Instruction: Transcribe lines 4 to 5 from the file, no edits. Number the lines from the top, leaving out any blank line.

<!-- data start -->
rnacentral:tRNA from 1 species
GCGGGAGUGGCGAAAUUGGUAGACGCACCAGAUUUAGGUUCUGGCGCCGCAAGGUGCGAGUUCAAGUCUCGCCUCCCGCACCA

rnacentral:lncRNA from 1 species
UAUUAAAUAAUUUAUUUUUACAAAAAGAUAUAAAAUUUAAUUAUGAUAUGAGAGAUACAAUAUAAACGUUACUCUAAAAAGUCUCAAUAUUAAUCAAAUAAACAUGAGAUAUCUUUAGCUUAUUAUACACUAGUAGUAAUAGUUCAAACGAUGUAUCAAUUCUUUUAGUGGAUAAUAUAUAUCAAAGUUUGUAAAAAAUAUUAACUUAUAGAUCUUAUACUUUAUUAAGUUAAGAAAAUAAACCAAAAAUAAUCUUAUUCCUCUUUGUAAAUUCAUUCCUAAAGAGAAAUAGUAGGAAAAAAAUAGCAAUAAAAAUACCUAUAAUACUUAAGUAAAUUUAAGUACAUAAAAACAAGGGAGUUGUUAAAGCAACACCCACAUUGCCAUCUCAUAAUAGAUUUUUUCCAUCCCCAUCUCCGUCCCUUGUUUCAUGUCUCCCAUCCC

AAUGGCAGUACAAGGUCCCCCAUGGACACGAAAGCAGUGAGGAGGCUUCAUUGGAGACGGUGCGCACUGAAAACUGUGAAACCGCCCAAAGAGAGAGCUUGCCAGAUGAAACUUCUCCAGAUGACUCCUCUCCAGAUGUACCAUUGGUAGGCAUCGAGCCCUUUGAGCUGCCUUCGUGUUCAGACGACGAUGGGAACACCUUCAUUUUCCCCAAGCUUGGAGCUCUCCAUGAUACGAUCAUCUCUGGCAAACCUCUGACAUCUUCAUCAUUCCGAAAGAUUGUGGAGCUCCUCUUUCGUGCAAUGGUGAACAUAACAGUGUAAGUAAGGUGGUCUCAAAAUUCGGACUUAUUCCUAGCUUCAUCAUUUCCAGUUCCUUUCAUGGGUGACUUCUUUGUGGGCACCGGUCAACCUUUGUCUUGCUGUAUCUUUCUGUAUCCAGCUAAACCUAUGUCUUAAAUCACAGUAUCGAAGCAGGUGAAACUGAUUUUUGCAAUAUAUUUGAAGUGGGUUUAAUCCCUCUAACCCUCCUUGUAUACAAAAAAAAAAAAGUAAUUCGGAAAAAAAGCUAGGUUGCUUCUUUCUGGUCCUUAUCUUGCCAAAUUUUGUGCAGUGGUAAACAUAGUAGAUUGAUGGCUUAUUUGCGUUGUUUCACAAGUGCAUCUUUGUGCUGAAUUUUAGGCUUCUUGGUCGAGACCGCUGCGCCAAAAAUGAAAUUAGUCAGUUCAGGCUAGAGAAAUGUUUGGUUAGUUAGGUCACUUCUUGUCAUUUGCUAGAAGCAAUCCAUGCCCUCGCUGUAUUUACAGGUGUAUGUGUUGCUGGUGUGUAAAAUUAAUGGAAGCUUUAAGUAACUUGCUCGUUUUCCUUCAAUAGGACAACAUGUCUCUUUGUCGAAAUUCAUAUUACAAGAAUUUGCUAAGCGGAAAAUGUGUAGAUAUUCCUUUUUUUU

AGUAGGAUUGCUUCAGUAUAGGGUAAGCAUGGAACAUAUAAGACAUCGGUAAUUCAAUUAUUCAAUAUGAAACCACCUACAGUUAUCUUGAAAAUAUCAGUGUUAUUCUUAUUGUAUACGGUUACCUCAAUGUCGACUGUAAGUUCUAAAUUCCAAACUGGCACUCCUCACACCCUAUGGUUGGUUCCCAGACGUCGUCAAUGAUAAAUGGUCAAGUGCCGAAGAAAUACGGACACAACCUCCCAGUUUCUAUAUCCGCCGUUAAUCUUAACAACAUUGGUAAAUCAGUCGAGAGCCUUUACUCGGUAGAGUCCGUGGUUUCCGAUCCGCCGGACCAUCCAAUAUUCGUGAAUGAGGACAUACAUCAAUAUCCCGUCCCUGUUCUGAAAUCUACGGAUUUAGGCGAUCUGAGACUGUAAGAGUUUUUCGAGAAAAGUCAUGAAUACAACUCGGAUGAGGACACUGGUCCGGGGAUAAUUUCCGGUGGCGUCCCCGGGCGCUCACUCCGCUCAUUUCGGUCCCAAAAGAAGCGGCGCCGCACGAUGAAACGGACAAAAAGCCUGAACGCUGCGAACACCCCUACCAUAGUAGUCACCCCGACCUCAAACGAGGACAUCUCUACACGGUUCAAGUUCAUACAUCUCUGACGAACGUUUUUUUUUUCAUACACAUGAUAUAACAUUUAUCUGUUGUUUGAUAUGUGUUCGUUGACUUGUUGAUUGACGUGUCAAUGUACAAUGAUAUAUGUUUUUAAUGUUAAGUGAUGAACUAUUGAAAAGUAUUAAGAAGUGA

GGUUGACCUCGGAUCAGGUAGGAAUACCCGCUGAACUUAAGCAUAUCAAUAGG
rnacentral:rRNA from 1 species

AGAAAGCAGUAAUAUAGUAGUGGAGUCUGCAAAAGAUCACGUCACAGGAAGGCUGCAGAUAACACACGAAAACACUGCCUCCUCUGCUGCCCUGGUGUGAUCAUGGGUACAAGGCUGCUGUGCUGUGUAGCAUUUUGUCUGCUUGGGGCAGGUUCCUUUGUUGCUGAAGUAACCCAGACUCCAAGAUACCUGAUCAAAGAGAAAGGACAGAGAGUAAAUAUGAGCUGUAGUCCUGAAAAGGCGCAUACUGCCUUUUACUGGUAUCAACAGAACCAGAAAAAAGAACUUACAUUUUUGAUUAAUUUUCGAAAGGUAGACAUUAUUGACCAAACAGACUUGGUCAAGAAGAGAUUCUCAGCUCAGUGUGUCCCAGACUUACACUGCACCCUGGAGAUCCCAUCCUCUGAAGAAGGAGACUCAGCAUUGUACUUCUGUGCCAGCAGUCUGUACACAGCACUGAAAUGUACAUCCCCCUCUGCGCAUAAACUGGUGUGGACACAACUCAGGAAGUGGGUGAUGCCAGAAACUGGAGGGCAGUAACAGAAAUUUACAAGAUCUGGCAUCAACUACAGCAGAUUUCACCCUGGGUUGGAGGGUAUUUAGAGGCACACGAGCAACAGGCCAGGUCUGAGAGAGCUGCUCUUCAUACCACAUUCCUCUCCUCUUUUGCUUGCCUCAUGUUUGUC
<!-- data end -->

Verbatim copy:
UAUUAAAUAAUUUAUUUUUACAAAAAGAUAUAAAAUUUAAUUAUGAUAUGAGAGAUACAAUAUAAACGUUACUCUAAAAAGUCUCAAUAUUAAUCAAAUAAACAUGAGAUAUCUUUAGCUUAUUAUACACUAGUAGUAAUAGUUCAAACGAUGUAUCAAUUCUUUUAGUGGAUAAUAUAUAUCAAAGUUUGUAAAAAAUAUUAACUUAUAGAUCUUAUACUUUAUUAAGUUAAGAAAAUAAACCAAAAAUAAUCUUAUUCCUCUUUGUAAAUUCAUUCCUAAAGAGAAAUAGUAGGAAAAAAAUAGCAAUAAAAAUACCUAUAAUACUUAAGUAAAUUUAAGUACAUAAAAACAAGGGAGUUGUUAAAGCAACACCCACAUUGCCAUCUCAUAAUAGAUUUUUUCCAUCCCCAUCUCCGUCCCUUGUUUCAUGUCUCCCAUCCC

AAUGGCAGUACAAGGUCCCCCAUGGACACGAAAGCAGUGAGGAGGCUUCAUUGGAGACGGUGCGCACUGAAAACUGUGAAACCGCCCAAAGAGAGAGCUUGCCAGAUGAAACUUCUCCAGAUGACUCCUCUCCAGAUGUACCAUUGGUAGGCAUCGAGCCCUUUGAGCUGCCUUCGUGUUCAGACGACGAUGGGAACACCUUCAUUUUCCCCAAGCUUGGAGCUCUCCAUGAUACGAUCAUCUCUGGCAAACCUCUGACAUCUUCAUCAUUCCGAAAGAUUGUGGAGCUCCUCUUUCGUGCAAUGGUGAACAUAACAGUGUAAGUAAGGUGGUCUCAAAAUUCGGACUUAUUCCUAGCUUCAUCAUUUCCAGUUCCUUUCAUGGGUGACUUCUUUGUGGGCACCGGUCAACCUUUGUCUUGCUGUAUCUUUCUGUAUCCAGCUAAACCUAUGUCUUAAAUCACAGUAUCGAAGCAGGUGAAACUGAUUUUUGCAAUAUAUUUGAAGUGGGUUUAAUCCCUCUAACCCUCCUUGUAUACAAAAAAAAAAAAGUAAUUCGGAAAAAAAGCUAGGUUGCUUCUUUCUGGUCCUUAUCUUGCCAAAUUUUGUGCAGUGGUAAACAUAGUAGAUUGAUGGCUUAUUUGCGUUGUUUCACAAGUGCAUCUUUGUGCUGAAUUUUAGGCUUCUUGGUCGAGACCGCUGCGCCAAAAAUGAAAUUAGUCAGUUCAGGCUAGAGAAAUGUUUGGUUAGUUAGGUCACUUCUUGUCAUUUGCUAGAAGCAAUCCAUGCCCUCGCUGUAUUUACAGGUGUAUGUGUUGCUGGUGUGUAAAAUUAAUGGAAGCUUUAAGUAACUUGCUCGUUUUCCUUCAAUAGGACAACAUGUCUCUUUGUCGAAAUUCAUAUUACAAGAAUUUGCUAAGCGGAAAAUGUGUAGAUAUUCCUUUUUUUU